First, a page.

Money, Value of Money, Inflation and Policy Responses

Topics: Inflation, Monetary policy, Unemployment Pages: 7 (2475 words) Published: June 7, 2013
Money, Value of money, Inflation and
Policy Responses

Inflation: Inflation is a sustained increase in the cost of living or the average / general price level leading to a fall in the purchasing power of money. Causes of Inflation:–There are a few different reasons that can account for the inflation in our goods and services; let's review a few of them. * Demand-pull inflation refers to the idea that the economy actual demands more goods and services than available. This shortage of supply enables sellers to raise prices until an equilibrium is put in place between supply and demand.  

* The cost-push theory , also known as "supply shock inflation", suggests that shortages or shocks to the available supply of a certain good or product will cause a ripple effect through the economy by raising prices through the supply chain from the producer to the consumer. You can readily see this in oil markets. When OPEC reduces oil supply, prices are artificially driven up and result in higher prices at the pump.  

* Money supply plays a large role in inflationary pressure as well. Monetarist economists believe that if the Federal Reserve does not control the money supply adequately, it may actually grow at a rate faster than that of the potential output in the economy, or real GDP. The belief is that this will drive up prices and hence, inflation. Low interest rates correspond with a high levels of money supply and allow for more investment in big business and new ideas which eventually leads to unsustainable levels of inflation as cheap money is available. The credit crisis of 2007 is a very good example of this at work.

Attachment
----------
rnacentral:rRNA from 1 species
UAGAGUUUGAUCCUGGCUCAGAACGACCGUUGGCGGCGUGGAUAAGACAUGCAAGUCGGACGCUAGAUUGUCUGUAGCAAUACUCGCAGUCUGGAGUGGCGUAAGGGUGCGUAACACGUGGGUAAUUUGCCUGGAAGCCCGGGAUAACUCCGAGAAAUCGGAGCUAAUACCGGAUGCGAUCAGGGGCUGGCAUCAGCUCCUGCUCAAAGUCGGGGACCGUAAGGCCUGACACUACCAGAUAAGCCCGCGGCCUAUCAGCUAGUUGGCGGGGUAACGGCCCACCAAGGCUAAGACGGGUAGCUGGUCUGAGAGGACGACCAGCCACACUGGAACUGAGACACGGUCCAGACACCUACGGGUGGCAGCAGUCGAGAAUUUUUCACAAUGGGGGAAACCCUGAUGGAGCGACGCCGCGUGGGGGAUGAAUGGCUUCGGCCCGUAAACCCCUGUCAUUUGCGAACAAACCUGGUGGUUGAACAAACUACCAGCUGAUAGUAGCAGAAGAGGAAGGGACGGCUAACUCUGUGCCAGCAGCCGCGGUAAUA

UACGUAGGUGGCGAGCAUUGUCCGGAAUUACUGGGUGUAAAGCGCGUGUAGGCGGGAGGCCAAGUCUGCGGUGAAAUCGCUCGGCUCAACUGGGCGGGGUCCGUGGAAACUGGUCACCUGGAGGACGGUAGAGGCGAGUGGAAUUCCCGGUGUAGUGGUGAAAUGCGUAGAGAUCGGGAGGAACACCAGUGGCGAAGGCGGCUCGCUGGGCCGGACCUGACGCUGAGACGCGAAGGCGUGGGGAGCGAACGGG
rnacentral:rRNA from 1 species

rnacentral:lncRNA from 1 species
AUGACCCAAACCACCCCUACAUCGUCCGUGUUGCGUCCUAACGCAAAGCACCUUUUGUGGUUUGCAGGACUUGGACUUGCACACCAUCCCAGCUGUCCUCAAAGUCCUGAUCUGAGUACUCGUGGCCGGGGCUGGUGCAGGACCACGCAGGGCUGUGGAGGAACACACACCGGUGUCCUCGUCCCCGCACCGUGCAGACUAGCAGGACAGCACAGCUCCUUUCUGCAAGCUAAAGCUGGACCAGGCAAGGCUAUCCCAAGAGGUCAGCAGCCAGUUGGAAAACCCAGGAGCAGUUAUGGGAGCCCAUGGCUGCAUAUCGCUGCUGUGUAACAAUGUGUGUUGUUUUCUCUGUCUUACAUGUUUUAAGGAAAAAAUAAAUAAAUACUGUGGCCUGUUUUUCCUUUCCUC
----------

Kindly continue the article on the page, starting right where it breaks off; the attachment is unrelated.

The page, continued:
* Inflation can artificially be created through a circular increase in wage earners demands and then the subsequent increase in producer costs which will drive up the prices of their goods and services. This will then translate back into higher prices for the wage earners or consumers. As demands go higher from each side, inflation will continue to rise.

Measuring Inflation-
The assessing of inflation could have been very easy if the prices had risen in equal proportion of the every goods and services, but which was impossible at all as there are different goods and services demanding different money values and purchasing powers. For e.g In 1982-1984 which the United States used as a base year for determining the the price rise of different goods in a specified manner, apparel rose by 24%, price of medical care by 186%, price of housing by 80%, and this way they identified the prices for the goods in the following year to the base year. The price index also plays a very crucial role in determining the average rise in the price for any year in relation to the common base year as it note a price index for a particular good in the base year and differentiate it to any of the following year, which can be very easily defining the growth of rates. The method of measuring inflation by price index is called consumer price index CPI. Consumer price index is defined as the price index which defines how much a typical consumer can purchase. There are separate price indexes for separate bundles of goods and hence average spending of household can also be represented by what type of bundles are purchased by consumer. If the person has its price index Rs.100 for the base year 2009 and in 2010 the price index for that person is 110 then the rate of inflation will be 10%. The alternative way, other than CPI is PPI Producer price index which measures the average level of supply of goods prices sold by producers. Limitations of the Consumer Price Index as a measure of inflation * The CPI is not fully representative:-

* Since the CPI represents the expenditure of the ‘average’ household, inevitably it will be inaccurate for the ‘non-typical’ household, for example, 14% of the index is devoted to motoring expenses - inapplicable for non-car owners. * Single people have...
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